It’s entirely pointless trying to go into any detail with Skyrim, the game’s just too damn big! So here’s Megabits' Top Ten Tips for exploring the chilly province and getting the most out of the best RPG of 2011.
10: Don’t be afraid to run away
It’s all too easy to imagine yourself a dragon-killing, bandit-owning master of the world, but early on, don’t be surprised if a horde of hungry skeevers can leave your Dovakhin warrior in bits. So my advice to you is this - if you can’t win, run away. There’s no reason you can’t always come back later – and believe me, the last thing you want after having fought off a horde of bandits is to be taken out by one lucky blow from a warhammer, forcing you to backtrack through room after room of the deepest, darkest canyons.
9: Always take a companion
Sure, they get in the way, offer pointless comments every time you see something unusual and can’t fend off a wild wolf without being knocked down, but having a companion along for the ride makes Skyrim’s adventure all the easier. While I mainly used a stream of companions as cannon fodder/a pack horse, I often found that the larger enemies were drawn to the companion, instead of me, allowing me to drive my paired swords into its arse as it murderised them. Sure, this might be misconstrued as harsh or cold, but it saves them accidentally being beheaded by me as I’m trying to down a dragon (sorry Lydia....)
8: Choose your perks wisely
Skyrim’s perks can make a big difference to the gameplay, so when you’re granted one of the celestial kudos points, take some time and consider your playstyle – and the holes in your defences. I favoured boosting my one-handed, light armour and enchanting skills, and was pleasantly surprised to find that at higher levels, the perks got better and better. Concentrate on perks from certain trees, rather than a jack-of-all-trades approach, as this will make your experience all the more fun, as opposed to leaving you swinging in the wind when facing later missions.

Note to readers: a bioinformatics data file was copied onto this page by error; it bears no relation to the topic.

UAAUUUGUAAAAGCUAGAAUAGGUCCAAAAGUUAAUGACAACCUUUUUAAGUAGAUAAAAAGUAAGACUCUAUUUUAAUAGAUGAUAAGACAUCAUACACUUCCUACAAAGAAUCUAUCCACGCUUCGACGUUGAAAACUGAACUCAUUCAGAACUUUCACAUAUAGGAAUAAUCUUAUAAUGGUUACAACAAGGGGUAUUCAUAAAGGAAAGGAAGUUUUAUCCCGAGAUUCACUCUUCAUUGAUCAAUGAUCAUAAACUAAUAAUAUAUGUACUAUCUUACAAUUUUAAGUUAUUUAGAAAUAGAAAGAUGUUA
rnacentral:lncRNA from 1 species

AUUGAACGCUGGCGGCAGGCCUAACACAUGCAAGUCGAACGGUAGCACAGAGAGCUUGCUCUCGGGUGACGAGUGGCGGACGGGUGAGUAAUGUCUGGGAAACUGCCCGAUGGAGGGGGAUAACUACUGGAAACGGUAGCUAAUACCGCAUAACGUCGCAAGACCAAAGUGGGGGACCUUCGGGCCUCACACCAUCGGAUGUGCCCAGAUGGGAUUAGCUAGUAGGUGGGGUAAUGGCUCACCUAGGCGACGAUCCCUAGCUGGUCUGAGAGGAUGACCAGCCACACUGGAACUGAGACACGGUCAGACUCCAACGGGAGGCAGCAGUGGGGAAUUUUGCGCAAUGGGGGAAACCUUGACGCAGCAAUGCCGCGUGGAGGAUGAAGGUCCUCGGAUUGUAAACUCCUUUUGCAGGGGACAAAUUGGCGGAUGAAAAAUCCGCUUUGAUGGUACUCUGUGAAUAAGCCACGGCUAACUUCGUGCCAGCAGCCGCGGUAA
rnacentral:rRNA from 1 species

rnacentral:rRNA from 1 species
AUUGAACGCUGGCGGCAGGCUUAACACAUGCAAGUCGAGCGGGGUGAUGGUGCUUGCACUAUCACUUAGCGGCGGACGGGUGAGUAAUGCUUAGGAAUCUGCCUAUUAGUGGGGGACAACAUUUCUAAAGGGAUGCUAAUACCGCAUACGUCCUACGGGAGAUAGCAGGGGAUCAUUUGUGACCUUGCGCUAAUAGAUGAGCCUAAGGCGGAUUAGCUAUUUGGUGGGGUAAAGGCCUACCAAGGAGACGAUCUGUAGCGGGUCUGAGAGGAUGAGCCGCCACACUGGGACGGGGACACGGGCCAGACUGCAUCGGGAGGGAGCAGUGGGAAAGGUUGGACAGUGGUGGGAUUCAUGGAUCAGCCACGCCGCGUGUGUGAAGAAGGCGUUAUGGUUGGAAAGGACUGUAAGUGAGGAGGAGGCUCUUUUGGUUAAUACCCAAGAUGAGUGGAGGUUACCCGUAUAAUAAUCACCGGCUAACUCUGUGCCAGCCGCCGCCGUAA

7: Practice your smithing
Armour is a must in the unforgiving lands of Skyrim, so learning how to get the best out of your blacksmithing is similarly an essential skill to develop. It’s also quite easy – just buy a bunch of raw materials and craft yourself a stream of iron daggers early in the game, and watch as your skills climb higher and higher. The added bonus of having a load of daggers to sell is also a good thing. While this can feel a little like grinding at first, before long, you’ll be glad of the ability to craft suits of armour on the fly – especially when the bigger monsters stalking the land start making a beeline for your door – sometimes literally.